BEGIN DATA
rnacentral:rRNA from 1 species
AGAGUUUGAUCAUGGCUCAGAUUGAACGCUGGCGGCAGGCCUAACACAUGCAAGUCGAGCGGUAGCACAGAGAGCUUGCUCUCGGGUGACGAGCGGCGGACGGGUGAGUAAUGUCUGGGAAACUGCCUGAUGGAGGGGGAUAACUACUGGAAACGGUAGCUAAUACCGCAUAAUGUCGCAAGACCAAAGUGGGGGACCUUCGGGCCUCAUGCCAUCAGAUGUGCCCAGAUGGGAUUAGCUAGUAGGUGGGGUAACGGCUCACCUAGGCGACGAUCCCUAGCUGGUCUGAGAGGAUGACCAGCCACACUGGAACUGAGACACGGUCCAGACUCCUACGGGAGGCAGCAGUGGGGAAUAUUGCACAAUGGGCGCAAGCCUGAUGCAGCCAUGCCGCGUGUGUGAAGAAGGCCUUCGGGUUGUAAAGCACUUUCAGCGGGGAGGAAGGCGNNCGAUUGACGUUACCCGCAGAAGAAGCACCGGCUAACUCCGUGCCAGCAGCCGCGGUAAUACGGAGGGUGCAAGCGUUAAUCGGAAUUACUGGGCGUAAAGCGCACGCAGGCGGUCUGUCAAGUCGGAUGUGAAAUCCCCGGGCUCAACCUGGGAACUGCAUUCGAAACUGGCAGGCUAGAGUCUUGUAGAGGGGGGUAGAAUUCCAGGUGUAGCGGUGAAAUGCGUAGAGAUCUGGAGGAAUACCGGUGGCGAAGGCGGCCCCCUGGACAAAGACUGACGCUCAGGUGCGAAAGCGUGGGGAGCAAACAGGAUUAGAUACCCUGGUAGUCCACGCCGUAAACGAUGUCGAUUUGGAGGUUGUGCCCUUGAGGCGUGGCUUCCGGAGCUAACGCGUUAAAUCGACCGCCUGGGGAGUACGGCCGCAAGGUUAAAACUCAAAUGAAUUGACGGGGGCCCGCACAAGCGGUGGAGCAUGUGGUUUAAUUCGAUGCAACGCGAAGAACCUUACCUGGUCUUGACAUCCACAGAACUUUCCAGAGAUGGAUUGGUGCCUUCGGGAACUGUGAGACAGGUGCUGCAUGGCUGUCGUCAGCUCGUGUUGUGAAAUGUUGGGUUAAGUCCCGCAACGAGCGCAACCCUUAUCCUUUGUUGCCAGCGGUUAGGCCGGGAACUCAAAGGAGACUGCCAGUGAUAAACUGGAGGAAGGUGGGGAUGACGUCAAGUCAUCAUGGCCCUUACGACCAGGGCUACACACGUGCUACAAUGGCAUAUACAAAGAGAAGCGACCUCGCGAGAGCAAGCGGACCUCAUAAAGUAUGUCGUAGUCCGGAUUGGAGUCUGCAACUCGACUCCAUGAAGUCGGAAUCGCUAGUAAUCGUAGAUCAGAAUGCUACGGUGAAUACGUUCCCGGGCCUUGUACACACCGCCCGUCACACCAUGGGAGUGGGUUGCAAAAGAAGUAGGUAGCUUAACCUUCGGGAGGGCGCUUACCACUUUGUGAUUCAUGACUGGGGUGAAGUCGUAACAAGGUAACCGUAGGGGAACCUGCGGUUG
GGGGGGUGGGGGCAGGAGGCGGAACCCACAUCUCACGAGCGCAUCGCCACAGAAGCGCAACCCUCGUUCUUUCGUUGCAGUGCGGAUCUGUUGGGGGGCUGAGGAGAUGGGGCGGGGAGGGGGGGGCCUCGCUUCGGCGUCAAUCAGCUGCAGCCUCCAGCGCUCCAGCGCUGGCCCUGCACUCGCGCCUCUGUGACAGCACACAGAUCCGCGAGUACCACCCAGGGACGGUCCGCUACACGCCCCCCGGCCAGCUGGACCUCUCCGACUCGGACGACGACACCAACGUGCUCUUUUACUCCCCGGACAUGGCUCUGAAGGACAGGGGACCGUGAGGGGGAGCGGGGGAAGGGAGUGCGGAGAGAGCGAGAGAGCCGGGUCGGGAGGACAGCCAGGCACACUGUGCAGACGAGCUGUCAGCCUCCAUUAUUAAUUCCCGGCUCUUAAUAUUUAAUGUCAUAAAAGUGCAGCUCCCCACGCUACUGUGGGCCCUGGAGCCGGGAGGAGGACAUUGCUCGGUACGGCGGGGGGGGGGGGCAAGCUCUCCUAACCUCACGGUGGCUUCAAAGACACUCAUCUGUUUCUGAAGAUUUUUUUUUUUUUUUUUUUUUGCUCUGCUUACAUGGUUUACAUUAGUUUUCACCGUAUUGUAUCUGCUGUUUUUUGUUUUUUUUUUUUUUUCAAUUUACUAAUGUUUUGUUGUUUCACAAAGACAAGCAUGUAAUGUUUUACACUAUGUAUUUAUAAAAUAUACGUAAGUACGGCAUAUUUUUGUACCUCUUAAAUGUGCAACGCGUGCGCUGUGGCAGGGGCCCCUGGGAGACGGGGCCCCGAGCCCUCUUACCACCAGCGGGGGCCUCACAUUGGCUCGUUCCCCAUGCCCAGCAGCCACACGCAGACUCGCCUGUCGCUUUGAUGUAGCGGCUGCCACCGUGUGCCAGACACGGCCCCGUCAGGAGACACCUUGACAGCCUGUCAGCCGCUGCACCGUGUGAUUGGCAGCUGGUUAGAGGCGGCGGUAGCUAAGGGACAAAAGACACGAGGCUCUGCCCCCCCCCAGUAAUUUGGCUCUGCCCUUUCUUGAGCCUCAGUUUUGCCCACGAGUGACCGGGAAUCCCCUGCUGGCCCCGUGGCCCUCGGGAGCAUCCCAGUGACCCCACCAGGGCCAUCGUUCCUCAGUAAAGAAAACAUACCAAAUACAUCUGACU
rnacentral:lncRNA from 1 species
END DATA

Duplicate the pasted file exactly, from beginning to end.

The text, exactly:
rnacentral:rRNA from 1 species
AGAGUUUGAUCAUGGCUCAGAUUGAACGCUGGCGGCAGGCCUAACACAUGCAAGUCGAGCGGUAGCACAGAGAGCUUGCUCUCGGGUGACGAGCGGCGGACGGGUGAGUAAUGUCUGGGAAACUGCCUGAUGGAGGGGGAUAACUACUGGAAACGGUAGCUAAUACCGCAUAAUGUCGCAAGACCAAAGUGGGGGACCUUCGGGCCUCAUGCCAUCAGAUGUGCCCAGAUGGGAUUAGCUAGUAGGUGGGGUAACGGCUCACCUAGGCGACGAUCCCUAGCUGGUCUGAGAGGAUGACCAGCCACACUGGAACUGAGACACGGUCCAGACUCCUACGGGAGGCAGCAGUGGGGAAUAUUGCACAAUGGGCGCAAGCCUGAUGCAGCCAUGCCGCGUGUGUGAAGAAGGCCUUCGGGUUGUAAAGCACUUUCAGCGGGGAGGAAGGCGNNCGAUUGACGUUACCCGCAGAAGAAGCACCGGCUAACUCCGUGCCAGCAGCCGCGGUAAUACGGAGGGUGCAAGCGUUAAUCGGAAUUACUGGGCGUAAAGCGCACGCAGGCGGUCUGUCAAGUCGGAUGUGAAAUCCCCGGGCUCAACCUGGGAACUGCAUUCGAAACUGGCAGGCUAGAGUCUUGUAGAGGGGGGUAGAAUUCCAGGUGUAGCGGUGAAAUGCGUAGAGAUCUGGAGGAAUACCGGUGGCGAAGGCGGCCCCCUGGACAAAGACUGACGCUCAGGUGCGAAAGCGUGGGGAGCAAACAGGAUUAGAUACCCUGGUAGUCCACGCCGUAAACGAUGUCGAUUUGGAGGUUGUGCCCUUGAGGCGUGGCUUCCGGAGCUAACGCGUUAAAUCGACCGCCUGGGGAGUACGGCCGCAAGGUUAAAACUCAAAUGAAUUGACGGGGGCCCGCACAAGCGGUGGAGCAUGUGGUUUAAUUCGAUGCAACGCGAAGAACCUUACCUGGUCUUGACAUCCACAGAACUUUCCAGAGAUGGAUUGGUGCCUUCGGGAACUGUGAGACAGGUGCUGCAUGGCUGUCGUCAGCUCGUGUUGUGAAAUGUUGGGUUAAGUCCCGCAACGAGCGCAACCCUUAUCCUUUGUUGCCAGCGGUUAGGCCGGGAACUCAAAGGAGACUGCCAGUGAUAAACUGGAGGAAGGUGGGGAUGACGUCAAGUCAUCAUGGCCCUUACGACCAGGGCUACACACGUGCUACAAUGGCAUAUACAAAGAGAAGCGACCUCGCGAGAGCAAGCGGACCUCAUAAAGUAUGUCGUAGUCCGGAUUGGAGUCUGCAACUCGACUCCAUGAAGUCGGAAUCGCUAGUAAUCGUAGAUCAGAAUGCUACGGUGAAUACGUUCCCGGGCCUUGUACACACCGCCCGUCACACCAUGGGAGUGGGUUGCAAAAGAAGUAGGUAGCUUAACCUUCGGGAGGGCGCUUACCACUUUGUGAUUCAUGACUGGGGUGAAGUCGUAACAAGGUAACCGUAGGGGAACCUGCGGUUG
GGGGGGUGGGGGCAGGAGGCGGAACCCACAUCUCACGAGCGCAUCGCCACAGAAGCGCAACCCUCGUUCUUUCGUUGCAGUGCGGAUCUGUUGGGGGGCUGAGGAGAUGGGGCGGGGAGGGGGGGGCCUCGCUUCGGCGUCAAUCAGCUGCAGCCUCCAGCGCUCCAGCGCUGGCCCUGCACUCGCGCCUCUGUGACAGCACACAGAUCCGCGAGUACCACCCAGGGACGGUCCGCUACACGCCCCCCGGCCAGCUGGACCUCUCCGACUCGGACGACGACACCAACGUGCUCUUUUACUCCCCGGACAUGGCUCUGAAGGACAGGGGACCGUGAGGGGGAGCGGGGGAAGGGAGUGCGGAGAGAGCGAGAGAGCCGGGUCGGGAGGACAGCCAGGCACACUGUGCAGACGAGCUGUCAGCCUCCAUUAUUAAUUCCCGGCUCUUAAUAUUUAAUGUCAUAAAAGUGCAGCUCCCCACGCUACUGUGGGCCCUGGAGCCGGGAGGAGGACAUUGCUCGGUACGGCGGGGGGGGGGGGCAAGCUCUCCUAACCUCACGGUGGCUUCAAAGACACUCAUCUGUUUCUGAAGAUUUUUUUUUUUUUUUUUUUUUGCUCUGCUUACAUGGUUUACAUUAGUUUUCACCGUAUUGUAUCUGCUGUUUUUUGUUUUUUUUUUUUUUUCAAUUUACUAAUGUUUUGUUGUUUCACAAAGACAAGCAUGUAAUGUUUUACACUAUGUAUUUAUAAAAUAUACGUAAGUACGGCAUAUUUUUGUACCUCUUAAAUGUGCAACGCGUGCGCUGUGGCAGGGGCCCCUGGGAGACGGGGCCCCGAGCCCUCUUACCACCAGCGGGGGCCUCACAUUGGCUCGUUCCCCAUGCCCAGCAGCCACACGCAGACUCGCCUGUCGCUUUGAUGUAGCGGCUGCCACCGUGUGCCAGACACGGCCCCGUCAGGAGACACCUUGACAGCCUGUCAGCCGCUGCACCGUGUGAUUGGCAGCUGGUUAGAGGCGGCGGUAGCUAAGGGACAAAAGACACGAGGCUCUGCCCCCCCCCAGUAAUUUGGCUCUGCCCUUUCUUGAGCCUCAGUUUUGCCCACGAGUGACCGGGAAUCCCCUGCUGGCCCCGUGGCCCUCGGGAGCAUCCCAGUGACCCCACCAGGGCCAUCGUUCCUCAGUAAAGAAAACAUACCAAAUACAUCUGACU
rnacentral:lncRNA from 1 species